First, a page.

Rising oil prices plagued Wall Street again yesterday as the Dow Jones industrial average suffered its second straight 100-point-plus loss...

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NEW YORK — Rising oil prices plagued Wall Street again yesterday as the Dow Jones industrial average suffered its second straight 100-point-plus loss, ending a week dominated by concerns that energy costs would soon eat into corporate profits. All three indexes finished the week substantially lower.

The Dow fell 123.60 to 10,297.84, after plunging more than 166 points the previous session. For the week, the Dow lost 3.1 percent.

Microsoft, one of the 30 Dow stocks, fell 27 cents to close at $25.04 a share, unchanged from last Friday’s close. Boeing, also a Dow stock, stumbled $1.27 to $60.59, down 6.2 percent from last Friday.

The broader gauges, which also posted big losses Thursday, were down as well. The Standard & Poor’s 500 index dropped 9.16 to 1,191.57, falling 2.1 percent for the week. The Nasdaq composite index lost 17.39 to 2,053.27, dropping 1.8 percent for the week.

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Investors overlooked decent economic news, choosing instead to focus on oil. Transportation and manufacturing companies — considered the most oil-dependent — were hardest hit, though the selling was spread throughout the market as crude-oil futures threatened to top the psychologically significant $60-per-barrel barrier for the second day in a row.

“The crude situation is a big concern right now,” said Brian Williamson, an equity trader at The Boston Company Asset Management. “People aren’t really looking at the economic numbers.”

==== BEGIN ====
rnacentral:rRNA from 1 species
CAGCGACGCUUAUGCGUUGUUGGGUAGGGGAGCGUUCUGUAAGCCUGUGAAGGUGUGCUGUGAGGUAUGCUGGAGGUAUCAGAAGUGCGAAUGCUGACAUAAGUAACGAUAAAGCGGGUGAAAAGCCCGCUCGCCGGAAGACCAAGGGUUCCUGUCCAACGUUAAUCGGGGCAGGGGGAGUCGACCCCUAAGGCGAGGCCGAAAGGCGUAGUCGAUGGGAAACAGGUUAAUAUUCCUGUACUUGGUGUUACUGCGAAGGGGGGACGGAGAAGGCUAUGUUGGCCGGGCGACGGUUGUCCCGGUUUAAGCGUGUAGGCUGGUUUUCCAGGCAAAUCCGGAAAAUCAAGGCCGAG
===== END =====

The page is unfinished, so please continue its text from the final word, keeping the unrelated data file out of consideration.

Even the economic data, while mostly positive, raised some concerns. The Commerce Department reported a 5.5 percent rise in orders to U.S. factories for big-ticket manufactured goods last month, but much of that was due to a surge in demand for commercial aircraft. With transportation orders removed, durable-goods orders fell 0.2 percent in May, the third decline in the past four months.

Also adding some volatility to the market, institutional investors were adjusting their portfolios to reflect the annual rebalancing of the Russell indexes.

Crude-oil futures were up 42 cents at $59.84 per barrel on the New York Mercantile Exchange, coming one day after oil prices surged past $60 per barrel for a new intraday high.

With few earnings reports and a relative dearth of economic news, oil remained the market’s focus for nearly the entire week. The drop in stock prices Thursday effectively ended, at least for the short term, the market’s recent rally.

In other economic news, sales of new homes climbed to the second-highest level in history, but median home prices fell sharply in May. The government reported that sales of new single-family homes rose by 2.1 percent last month to a seasonally adjusted annual rate of 1.3 million homes, but the median cost dropped 6.5 percent to $217,000.

However, the economic data simply weren’t positive enough — or broad enough — to make a dent in investors’ pessimism over the future effects of crude prices.

“People need a good reason to buy stocks, but they always have reasons to sell,” said John Waterman, chief investment officer at Rittenhouse Asset Management. “We’re seeing mixed economic data, high oil prices, so where do you put your money? Investors chase momentum, and there’s none here.”